“Her name is Sally Rhodes. I saw it on a little metal plate on the side wall near the door.”

A lighted signal flashed on over the cockpit door. “Fasten seat belts please,” one line said. “No smoking,” the other one read.

“Wonder why the ash trays, then?” Peggy asked.

The smiling hostess said, “May I help you with your seat belts?” She showed them how to adjust the webbed strap, and answered Peggy’s question at the same time. “After we’re aloft, the co-pilot will turn off those lights. The passengers may then unfasten the belts and smoke, if they wish. But you’ll be learning all about this in a few days.”

“How did you know?” Jane demanded.

Peggy giggled. “I suppose our excitement is sticking out in knobs, all over.”

Sally Rhodes shook her head. “It was written on the manifest that three of our Des Moines passengers were candidates.” She nodded and smiled at the two young passengers Peggy had noted previously. “Two other girls in your class are on the plane, from Denver.”

Inez Hunt, in the single seat across the aisle, had fastened her own seat belt. She looked up to inquire in a bored tone, “How’s the air today?”

“Delightful. Not a ripple. I’m sure you’ll enjoy the trip.”

They heard the subdued roar of tuned-up motors, scarcely noticeable in the sound-proof cabin. Miss Rhodes hurried down the aisle, checking on all the occupied seats as she went. A few seconds later she was on her own jump-seat, her seat belt fastened.

Peggy caught a glimpse of Doctor Black beyond the fence. She waved gaily and smiled as the big ship rolled swiftly down the runway.

She noted the gentle backward pressure against the comfortable seat. She didn’t think of being frightened; she didn’t pause to check her sensations; she just had a grand sense of beginning a great adventure.

Almost before she realized it, the transport was off the ground, circling above the roof of the hangar.

Peggy pressed her nose against the window glass, in eager, little-girl fashion. Doctor Black, in his white interne’s coat, was just a speck below, fast disappearing. The cars crawling along the highway looked like some strange beetles. Trees and bushes were blurs—

She looked up to see the hostess bending over her mother in the seat ahead. “Take a sip of this,” she was saying, extending a glass, “and you’ll feel better in a moment.”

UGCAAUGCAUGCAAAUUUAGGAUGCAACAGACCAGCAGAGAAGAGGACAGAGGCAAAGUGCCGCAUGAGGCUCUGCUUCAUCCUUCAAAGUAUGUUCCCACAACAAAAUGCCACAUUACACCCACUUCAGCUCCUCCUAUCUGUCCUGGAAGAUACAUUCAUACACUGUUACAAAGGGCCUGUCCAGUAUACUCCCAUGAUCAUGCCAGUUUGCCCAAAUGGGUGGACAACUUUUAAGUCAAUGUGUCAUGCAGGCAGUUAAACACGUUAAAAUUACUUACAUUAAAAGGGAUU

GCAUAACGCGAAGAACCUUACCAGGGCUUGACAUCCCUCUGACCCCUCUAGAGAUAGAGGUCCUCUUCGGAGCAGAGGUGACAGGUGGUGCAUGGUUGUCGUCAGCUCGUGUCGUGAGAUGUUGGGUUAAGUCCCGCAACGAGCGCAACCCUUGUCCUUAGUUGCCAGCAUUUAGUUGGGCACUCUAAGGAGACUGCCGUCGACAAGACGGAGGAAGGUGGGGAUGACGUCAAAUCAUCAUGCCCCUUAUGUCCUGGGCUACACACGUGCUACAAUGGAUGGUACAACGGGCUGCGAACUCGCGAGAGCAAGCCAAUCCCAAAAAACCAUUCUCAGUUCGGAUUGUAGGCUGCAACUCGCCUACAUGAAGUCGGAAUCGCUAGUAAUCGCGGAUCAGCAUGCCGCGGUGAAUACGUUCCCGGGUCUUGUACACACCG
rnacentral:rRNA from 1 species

“I’m—I’m all right now,” Mrs. Wayne replied, embarrassed. “I guess I must have been a little upset.”

“You may unfasten your seat belts now,” the hostess said, nodding toward the glass plate, blank now because the light was out. “Would you like to smoke, Mr. Wayne?” She extended an individual pack of five cigarettes in a box marked Courtesy of Skylines, Inc. “You may smoke any time you wish, until we start down for the landing in Chicago. I’m pretty sure we won’t run into anything bumpy enough to forbid it, before.”

The color had flooded back into Mrs. Wayne’s cheeks. “We scarcely seem to be moving. I thought we’d be going so fast we’d be frightened to death.”

“Our ship is doing better than one hundred and sixty miles an hour,” the hostess told her. “It’s impossible to realize it because we’re nearly a mile above any speed-comparing object, like telephone poles, or other cars on the highway. You’ll get the feeling of speed only on taking off and landing because you can check our forward motion with objects that are stationary.”

“Do you like your work?” Jane asked impulsively.

“Immensely. There’s nothing quite like it,” the girl answered swiftly. “I’m a veteran, too. Over two years—and this trip, I’ll pass the twenty-five-hundred-hours-in-the-air-mark!”

Inez leaned across the aisle to join the conversation. “Is the training course tough?”

“Not if you’re interested. You’ll be a bit bewildered at first, with A and N beams, connecting airlines, map reading and compasses and de-icing equipment. But it doesn’t take long to get it in order in your mind if you’re genuinely interested.”

Inez shrugged, and Miss Rhodes went to answer the buzzer from Seat Seven. Peggy and Jane watched while the hostess took an air-map from the pocket of the seat ahead. She pointed out a thin ribbon of water far below, and then checked a spot on the map with her pencil.

“Let’s see if we can locate ourselves,” Peggy suggested, unfolding her map. It was covered with spidery lines, identifying the major airlines of the United States.

“Here’s Des Moines on the Skylines’ route. Look, it says to check off one of these little marks every fifteen minutes. It’s twenty-five after eleven. We should be almost over the Mississippi.”

“Right.” They looked up to an admiring grin from Miss Rhodes. “Perhaps you’ll see a long coal barge, going through the new lock-and-dam. This is an aerial road map. But you’ll get all this soon enough. How about a spot of lunch, or is it too early for you?”

“Why, no! I’m starved,” Jane answered with a surprised note in her voice.

“Flying is good for jaded appetites,” Miss Rhodes assured her. “And you’re in luck. We have turkey today.”

It was an odd, gay luncheon, served above the clouds. There was a cup of delicious hot soup, then a main course of slices of hot turkey, mashed potatoes and well-seasoned fresh peas. The Waynes chose coffee, and the girls had iced tea. The aluminum trays were adorned with neat linen cloths and napkins and gleaming silver. The cups, glasses, and square dishes were of unbreakable ivory plastic material.

Miss Rhodes moved with swift efficiency. She refilled coffee cups and removed the trays as soon as the passengers had finished.

“Do you suppose we’ll ever learn to serve meals so quickly and with so little fuss?” Jane asked.